Jona Pedersen and Wyatt Atchley
At the End of the Path
Written by Jona L. Pedersen
Photography by Wyatt Atchley
North of Montgomery Hall, an American elm towers. This tree stands taller than the surrounding pines and elms. It is about the same height as the building itself, as if the two had grown as one. This observation may not be far off the mark. Montgomery Hall was built in 1910, and old photos reveal that the elm was planted around the same time. As the furrowed tree trunk continued to grow and reach higher, Montgomery Hall also evolved. Initially, the building was known as University Commons and functioned as a dining hall. The Hall was later converted to a library before becoming a home to the counseling and behavioral sciences programs. Over the decades, the walls of Montgomery Hall have swelled with the knowledge and ideas of the professors, students and books that dwelled inside. Although the building is no longer in use, it still embodies mysteries: from the fourth floor which was sealed off in the 80s to the dead spiders hanging from their own webs in the basement.
Today, both the building and the tree are around 110 years old, but that is not close to the end of an American elm’s lifespan. In Maine, an elm by the name of Herbie was designated a historic landmark. Herbie stood on East Main Street in Yarmouth for 217 years. However, the elm north of Montgomery Hall is fated for a much earlier demise. The building is currently in the process of being demolished. By next semester, both Montgomery Hall and the American elm will be gone. Just as they began their story together, they will also end it together.
But the elm and Montgomery Hall are interlinked by more than their shared origins. As if strung together by the Moirai, a concrete path leads directly from the building to the tree. The presence of elms along pathways is not unusual in and of itself. American elms, due to their rapid growth and sturdy nature, used to be a popular choice for landscaping. Their popularity declined in the 30’s after the appearance of Dutch elm disease – a condition that was introduced to North America by European log shipments. The disease is spread by beetles and causes wilting; yet, many elms still remain on campus. What separates the elm outside of Montgomery Hall from the others is its positioning.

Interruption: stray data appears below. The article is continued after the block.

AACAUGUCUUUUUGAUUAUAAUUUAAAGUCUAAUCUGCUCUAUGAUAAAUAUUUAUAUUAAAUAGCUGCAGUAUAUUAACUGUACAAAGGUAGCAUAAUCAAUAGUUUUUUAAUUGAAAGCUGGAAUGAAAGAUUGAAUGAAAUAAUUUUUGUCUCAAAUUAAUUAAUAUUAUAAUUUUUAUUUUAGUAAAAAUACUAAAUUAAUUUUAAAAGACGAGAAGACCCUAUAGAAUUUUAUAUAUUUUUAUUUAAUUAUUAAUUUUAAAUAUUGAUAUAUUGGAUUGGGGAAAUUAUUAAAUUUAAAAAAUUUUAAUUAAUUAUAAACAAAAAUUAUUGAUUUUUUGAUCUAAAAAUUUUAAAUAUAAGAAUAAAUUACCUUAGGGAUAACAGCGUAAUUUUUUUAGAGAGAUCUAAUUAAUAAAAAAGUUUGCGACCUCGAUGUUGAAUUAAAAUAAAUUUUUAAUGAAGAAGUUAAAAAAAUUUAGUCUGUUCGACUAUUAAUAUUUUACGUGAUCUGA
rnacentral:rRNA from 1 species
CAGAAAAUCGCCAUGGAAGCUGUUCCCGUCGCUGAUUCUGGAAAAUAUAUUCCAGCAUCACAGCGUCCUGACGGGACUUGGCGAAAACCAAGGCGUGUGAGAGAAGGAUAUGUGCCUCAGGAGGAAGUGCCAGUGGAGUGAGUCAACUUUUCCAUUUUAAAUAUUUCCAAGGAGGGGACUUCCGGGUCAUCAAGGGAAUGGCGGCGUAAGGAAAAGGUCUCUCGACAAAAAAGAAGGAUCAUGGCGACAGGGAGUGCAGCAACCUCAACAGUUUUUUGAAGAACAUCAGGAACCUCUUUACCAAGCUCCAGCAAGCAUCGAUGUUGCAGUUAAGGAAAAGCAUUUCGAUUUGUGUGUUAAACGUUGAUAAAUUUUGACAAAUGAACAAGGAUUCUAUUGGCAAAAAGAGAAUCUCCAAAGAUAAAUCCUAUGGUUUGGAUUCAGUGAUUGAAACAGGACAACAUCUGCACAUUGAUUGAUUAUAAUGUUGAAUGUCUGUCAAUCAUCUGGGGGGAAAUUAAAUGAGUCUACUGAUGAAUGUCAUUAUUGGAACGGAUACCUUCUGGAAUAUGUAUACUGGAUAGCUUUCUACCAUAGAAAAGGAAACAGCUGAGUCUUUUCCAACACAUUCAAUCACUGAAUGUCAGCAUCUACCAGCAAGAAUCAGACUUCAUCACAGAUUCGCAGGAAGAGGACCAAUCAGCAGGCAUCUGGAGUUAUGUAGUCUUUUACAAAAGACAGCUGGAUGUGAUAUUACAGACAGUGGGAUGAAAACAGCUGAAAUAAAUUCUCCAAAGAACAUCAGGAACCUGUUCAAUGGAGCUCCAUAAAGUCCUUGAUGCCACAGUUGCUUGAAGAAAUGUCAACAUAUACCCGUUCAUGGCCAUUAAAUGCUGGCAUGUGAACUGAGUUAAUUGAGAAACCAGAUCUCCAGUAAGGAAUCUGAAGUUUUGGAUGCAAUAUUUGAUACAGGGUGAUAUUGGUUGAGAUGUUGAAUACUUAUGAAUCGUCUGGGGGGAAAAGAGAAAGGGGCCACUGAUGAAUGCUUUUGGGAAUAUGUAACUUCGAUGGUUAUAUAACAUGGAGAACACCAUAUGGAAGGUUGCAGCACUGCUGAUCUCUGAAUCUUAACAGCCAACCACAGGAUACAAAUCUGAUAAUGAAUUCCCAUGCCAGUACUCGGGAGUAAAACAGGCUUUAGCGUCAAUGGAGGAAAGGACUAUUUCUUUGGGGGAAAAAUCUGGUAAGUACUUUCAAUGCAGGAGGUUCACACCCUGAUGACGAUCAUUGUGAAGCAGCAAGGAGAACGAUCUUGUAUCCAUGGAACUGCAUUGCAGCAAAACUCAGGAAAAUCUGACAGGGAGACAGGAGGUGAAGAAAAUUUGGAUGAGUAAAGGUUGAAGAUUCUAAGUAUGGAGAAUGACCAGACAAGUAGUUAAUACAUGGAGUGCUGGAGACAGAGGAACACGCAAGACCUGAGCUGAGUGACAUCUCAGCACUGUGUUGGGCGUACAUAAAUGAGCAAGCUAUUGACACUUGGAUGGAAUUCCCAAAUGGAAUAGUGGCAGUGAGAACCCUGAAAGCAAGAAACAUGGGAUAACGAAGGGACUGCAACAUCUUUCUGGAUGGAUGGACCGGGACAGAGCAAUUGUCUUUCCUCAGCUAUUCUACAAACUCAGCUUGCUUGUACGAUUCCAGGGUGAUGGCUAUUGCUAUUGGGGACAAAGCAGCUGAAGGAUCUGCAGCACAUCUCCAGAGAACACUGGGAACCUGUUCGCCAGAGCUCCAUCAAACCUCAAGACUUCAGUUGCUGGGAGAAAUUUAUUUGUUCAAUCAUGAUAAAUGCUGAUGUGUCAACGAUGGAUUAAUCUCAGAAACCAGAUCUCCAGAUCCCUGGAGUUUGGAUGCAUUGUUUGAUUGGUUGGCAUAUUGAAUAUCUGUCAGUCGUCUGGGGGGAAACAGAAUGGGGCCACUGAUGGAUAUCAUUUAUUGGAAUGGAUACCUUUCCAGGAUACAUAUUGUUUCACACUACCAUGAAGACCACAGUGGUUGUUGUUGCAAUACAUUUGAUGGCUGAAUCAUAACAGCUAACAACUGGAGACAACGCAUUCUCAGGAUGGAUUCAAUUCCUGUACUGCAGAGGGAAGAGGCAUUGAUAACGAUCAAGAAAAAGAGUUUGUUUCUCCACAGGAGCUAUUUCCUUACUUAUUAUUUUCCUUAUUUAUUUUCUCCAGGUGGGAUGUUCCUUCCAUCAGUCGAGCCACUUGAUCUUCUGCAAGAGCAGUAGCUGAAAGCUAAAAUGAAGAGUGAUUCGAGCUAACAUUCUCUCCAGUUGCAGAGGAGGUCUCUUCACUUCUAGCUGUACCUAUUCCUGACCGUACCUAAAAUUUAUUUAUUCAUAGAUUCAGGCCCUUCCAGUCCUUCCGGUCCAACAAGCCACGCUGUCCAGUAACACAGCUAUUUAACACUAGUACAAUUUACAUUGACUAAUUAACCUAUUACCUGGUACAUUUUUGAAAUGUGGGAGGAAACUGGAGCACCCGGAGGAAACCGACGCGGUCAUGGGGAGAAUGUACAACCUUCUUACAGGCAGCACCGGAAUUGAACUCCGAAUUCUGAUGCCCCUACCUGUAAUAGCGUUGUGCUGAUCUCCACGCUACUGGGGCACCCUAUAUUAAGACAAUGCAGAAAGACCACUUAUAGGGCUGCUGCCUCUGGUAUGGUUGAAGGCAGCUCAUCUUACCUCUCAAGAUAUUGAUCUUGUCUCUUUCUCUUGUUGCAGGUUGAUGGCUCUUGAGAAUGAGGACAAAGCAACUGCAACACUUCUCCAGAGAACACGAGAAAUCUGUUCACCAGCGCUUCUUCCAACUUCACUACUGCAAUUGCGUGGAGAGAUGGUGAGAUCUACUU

The elm stands, its trunk eclipsed by concrete, in the middle of the path leading to Montgomery Hall. At one point, the path may have led to University Avenue, but now, it stops abruptly behind the tree. After reaching out to ecologists and arborists on campus, I was no closer to finding records on the aimless direction of the path or placement of the tree. I only encountered more speculations that did not add up. The University of North Dakota is located on former prairie grounds, meaning that each tree was meticulously planted. Every aspect of the campus landscape was constructed with great care. Yet, at the end of the path, the elm stands: defiant of intention, grotesquely secretive, beautifully displaced.
What I know of the tree is only what I can see. Squirrels scale the stony trunk with ease, while crows perch midst the crown of crooked branches. A pale streak marks the splintering bark. This sight has become familiar to me, offering a reliable presence on my walks to and from class. Now, the tree serves as a reminder of life’s anomalies and ephemerality, and perhaps, a reflection of the university itself. Students attend college to learn and grow, and as we do, the campus grows and changes with us. And sometimes, a tree may be what suggests to us a way off the beaten path.
Thank you Dr. Kathryn Yurkonis, for your guidance in identifying the tree.
Thank you Jared Johnson, for helping with estimating the tree’s age.
Thank you Wyatt Atchley, for opening my eyes to the mysteries of our campus.
Bricault, Bob. “Return of the American elm.” Michigan State University Extension, 23 May 2014, www.canr.msu.edu/news/return_of_the_american_elm.
Routhier, Ray. “Yarmouth says goodbye to an old friend.” Portland Press Herald, 20 Jan. 2010.
Martens, Steve C., and Michael J. Burns. “University Commons (University Library, Montgomery Hall).” Historical American Buildings Survey, Nov. 2019, No. ND-37-A.
About Jona Pedersen
Jona L. Pedersen grew up on an island on Norway’s coast, but has since relocated to the US to pursue a degree in English with a minor in biology at the University of North Dakota. When they aren’t studying, they like to explore the outdoors, spend time with their two rats, and make art. In their writing, Jona aspires to capture the wonders of the natural world – creating stories which tread the line between reality and dreams.
About Wyatt Atchley
Wyatt Atchley is a recent graduate of UND from Cambridge, Minnesota. He uses his passion for photography to supplement his studies in history and historic preservation.